Queer women stand out through activism

Whenever men ask Ali Lozano out she politely declines, explaining she only dates women.

Last year, one of her want-to-be suitors was taken back because he didn’t believe Lozano looked like a lesbian.

“But you’re pretty!” she remembers him saying.

His response was jarring but not necessarily unexpected, Lozano said.

“It was very indicative of a lot of existing stereotypes about lesbians,” she said. “Lesbians are assumed to be butch, and quite frankly, unattractive. When those stereotypes and assumptions aren’t followed or are proven to be false, it can be shocking for someone who doesn’t know any better.”

After initially hiding her sexuality from friends and family, Lozano came out in December 2009. At the time, she said she did not know a single lesbian on campus.

“The time I felt most overshadowed was definitely when I came out because I was just like, ‘Where are they?’ ” she said. “I wouldn’t even say that it’s a small population because there are a lot of us, it’s just that we tend to lay low a little bit because of the overwhelming amount of gay men.”

Lozano said she found her footing at GW after becoming more involved with gay rights organizations, including a direct action civil disobedience group called GetEQUAL and a group called Queer Rising in New York City. She also works as a student coordinator at the LGBT Resource Center.

Lozano was arrested Monday in New York City after participating in a direct action event with Queer Rising to advocate for gay marriage rights in the state. She was one of several people blocking rush hour traffic at the intersection of 6th Avenue and 42nd Street with a 72-foot banner.

“We kind of expected it,” Lozano said of being arrested. “It was our goal to get more visibility, so it was a planned arrestable action.”

Lozano spent 25 hours in jail and was released Tuesday morning. She has a court date set for May.

Other students interviewed said people often perceive lesbians as aggressive, fast-paced and radical because of their involvement in gay rights activism.

Sophomore Marika Lee, who came out her senior year of high school, said lesbians and queer women are often associated with being very radical in a bad way.

“A lot of people at GW see the radicalism in [the lesbian community] in a negative sense, but it doesn’t need to be that way. Being radical is great and it’s progressive, and it’s fun, and it’s being active in the community. I think we need to change that image from being a negative one to a positive one,” Lee said.

Lee said that growing up in San Francisco, a city known for its liberal attitudes and home to the most famous of gay neighborhoods, The Castro, helped her be more comfortable with her sexuality. She said she has never felt the need to hide her sexuality as lesbian.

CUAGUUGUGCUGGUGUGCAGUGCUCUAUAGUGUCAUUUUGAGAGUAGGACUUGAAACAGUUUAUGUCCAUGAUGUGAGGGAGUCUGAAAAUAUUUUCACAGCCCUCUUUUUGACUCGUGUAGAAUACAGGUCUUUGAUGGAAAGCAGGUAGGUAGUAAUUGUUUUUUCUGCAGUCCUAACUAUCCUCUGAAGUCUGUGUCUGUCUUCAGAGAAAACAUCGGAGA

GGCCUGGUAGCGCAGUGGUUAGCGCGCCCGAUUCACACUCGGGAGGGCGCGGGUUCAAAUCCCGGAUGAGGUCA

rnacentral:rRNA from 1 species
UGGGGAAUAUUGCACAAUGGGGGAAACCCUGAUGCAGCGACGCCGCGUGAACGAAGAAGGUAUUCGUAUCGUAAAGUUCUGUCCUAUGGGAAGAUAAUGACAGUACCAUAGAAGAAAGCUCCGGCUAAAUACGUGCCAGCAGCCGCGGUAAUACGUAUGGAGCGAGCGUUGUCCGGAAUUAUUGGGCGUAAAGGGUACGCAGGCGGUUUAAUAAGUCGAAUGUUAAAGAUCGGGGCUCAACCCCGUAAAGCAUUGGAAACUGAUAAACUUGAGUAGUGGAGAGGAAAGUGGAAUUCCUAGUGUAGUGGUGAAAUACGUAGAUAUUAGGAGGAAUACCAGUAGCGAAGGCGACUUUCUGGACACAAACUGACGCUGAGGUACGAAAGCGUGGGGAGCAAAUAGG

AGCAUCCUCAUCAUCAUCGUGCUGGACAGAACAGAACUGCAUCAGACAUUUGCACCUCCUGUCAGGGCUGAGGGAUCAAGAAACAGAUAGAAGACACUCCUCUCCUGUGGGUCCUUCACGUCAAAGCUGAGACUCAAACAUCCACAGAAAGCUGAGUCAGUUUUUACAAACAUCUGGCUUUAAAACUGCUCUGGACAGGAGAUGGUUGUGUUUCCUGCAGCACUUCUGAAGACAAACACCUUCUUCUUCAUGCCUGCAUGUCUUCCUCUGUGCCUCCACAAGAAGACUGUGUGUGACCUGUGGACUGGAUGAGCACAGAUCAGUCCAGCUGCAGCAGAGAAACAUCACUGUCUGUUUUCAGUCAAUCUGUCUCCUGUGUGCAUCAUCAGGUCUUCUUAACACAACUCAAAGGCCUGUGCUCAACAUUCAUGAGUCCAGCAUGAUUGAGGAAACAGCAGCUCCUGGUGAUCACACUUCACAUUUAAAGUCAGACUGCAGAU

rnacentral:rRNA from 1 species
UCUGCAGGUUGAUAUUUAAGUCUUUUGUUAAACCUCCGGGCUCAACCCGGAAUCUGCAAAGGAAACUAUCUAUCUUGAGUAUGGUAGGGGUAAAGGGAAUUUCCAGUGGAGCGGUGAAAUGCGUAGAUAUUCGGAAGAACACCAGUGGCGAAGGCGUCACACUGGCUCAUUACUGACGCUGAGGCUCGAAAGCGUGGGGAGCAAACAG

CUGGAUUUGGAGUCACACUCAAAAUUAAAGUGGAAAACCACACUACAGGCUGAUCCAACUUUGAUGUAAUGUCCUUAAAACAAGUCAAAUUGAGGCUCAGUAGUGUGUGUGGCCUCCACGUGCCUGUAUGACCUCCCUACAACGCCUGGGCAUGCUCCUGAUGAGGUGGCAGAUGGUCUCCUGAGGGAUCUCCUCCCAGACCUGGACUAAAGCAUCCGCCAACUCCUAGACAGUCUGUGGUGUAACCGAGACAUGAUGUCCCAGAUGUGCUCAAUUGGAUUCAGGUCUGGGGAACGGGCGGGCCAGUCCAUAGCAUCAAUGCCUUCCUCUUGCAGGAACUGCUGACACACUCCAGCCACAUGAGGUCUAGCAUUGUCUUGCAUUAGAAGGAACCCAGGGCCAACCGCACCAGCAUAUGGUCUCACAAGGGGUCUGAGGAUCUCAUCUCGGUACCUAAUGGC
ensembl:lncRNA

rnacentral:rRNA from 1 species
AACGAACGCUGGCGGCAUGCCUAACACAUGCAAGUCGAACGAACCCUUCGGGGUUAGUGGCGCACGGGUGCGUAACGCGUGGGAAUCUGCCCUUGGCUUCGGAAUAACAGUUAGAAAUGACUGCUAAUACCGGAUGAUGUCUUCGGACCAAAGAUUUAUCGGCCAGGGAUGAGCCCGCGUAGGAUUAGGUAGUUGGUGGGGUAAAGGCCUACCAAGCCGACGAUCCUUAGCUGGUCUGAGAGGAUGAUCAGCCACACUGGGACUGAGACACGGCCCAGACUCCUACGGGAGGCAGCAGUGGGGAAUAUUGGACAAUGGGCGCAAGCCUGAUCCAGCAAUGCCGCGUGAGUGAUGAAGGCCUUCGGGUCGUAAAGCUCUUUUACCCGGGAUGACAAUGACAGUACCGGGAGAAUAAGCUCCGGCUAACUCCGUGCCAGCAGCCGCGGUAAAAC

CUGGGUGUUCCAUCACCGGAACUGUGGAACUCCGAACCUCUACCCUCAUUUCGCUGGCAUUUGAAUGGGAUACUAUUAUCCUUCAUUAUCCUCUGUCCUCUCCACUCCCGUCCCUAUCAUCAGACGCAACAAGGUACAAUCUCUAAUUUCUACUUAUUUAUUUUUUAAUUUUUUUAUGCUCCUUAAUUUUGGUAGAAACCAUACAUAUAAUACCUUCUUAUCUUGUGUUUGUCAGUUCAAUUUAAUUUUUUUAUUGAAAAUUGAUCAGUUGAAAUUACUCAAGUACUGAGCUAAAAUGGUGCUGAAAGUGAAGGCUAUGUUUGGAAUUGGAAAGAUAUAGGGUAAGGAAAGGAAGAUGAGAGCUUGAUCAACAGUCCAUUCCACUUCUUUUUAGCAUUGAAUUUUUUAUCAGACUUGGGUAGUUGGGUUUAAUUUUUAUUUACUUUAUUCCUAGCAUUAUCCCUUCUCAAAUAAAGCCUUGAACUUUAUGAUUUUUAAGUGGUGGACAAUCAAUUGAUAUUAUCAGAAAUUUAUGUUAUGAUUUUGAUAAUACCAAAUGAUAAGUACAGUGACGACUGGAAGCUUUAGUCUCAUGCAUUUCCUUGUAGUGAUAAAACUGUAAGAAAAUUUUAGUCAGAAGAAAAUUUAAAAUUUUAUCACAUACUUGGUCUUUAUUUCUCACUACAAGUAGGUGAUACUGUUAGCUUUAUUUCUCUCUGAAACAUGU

Senior Kathleen McGinn, founder of the Association of Queer Women and Allies, said the queer women’s community was not very visible at GW when she came out the summer after her freshman year of college. She created AQWA, an umbrella organization of Allied in Pride, in fall of 2009.

“I think there is always room for growth, but the change in the past two years or so has been remarkable in terms of increasing the visibility of queer women on campus,” she said.

McGinn said the group has been successful in getting queer women involved on campus.

“Events started being created that focused solely on queer women’s experiences, such as the queer women’s health forum, movie screenings and discussion panels,” she said. “Also, queer women’s membership in Allied in Pride and their presence on the executive board increased substantially.”

The girls said that because GW is known for its significant gay population, queer women find it is easier to come out on such an accepting campus.

“We have an extremely large gay population, as well as LGBT-out faculty, which I think also is very impactful for students coming out,” Lozano said.

But Mariel Tygenhof, who is bisexual, said people can be skeptical of those who are attracted to both sexes. “Straight people often think that bisexuals are confused and it’s like a phase, and lesbians tend to not want to date bisexuals because they are scared of them going back to guys,” the junior said.

Tygenhof said bisexuals usually choose to identify with either the gay community or the straight community, and hang out predominantly with one or the other.

The girls said that while GW is mostly gay-friendly, there is still more progress to be made in the way others react to queer women.

“When I meet someone new and they find out I’m a lesbian, they don’t need to act like they’ve just spotted a unicorn,” Lozano said. “People need to know that we do in fact exist. While we are lesbian, we are regular students and if you do have lesbian friends, you don’t need to treat them any differently.”

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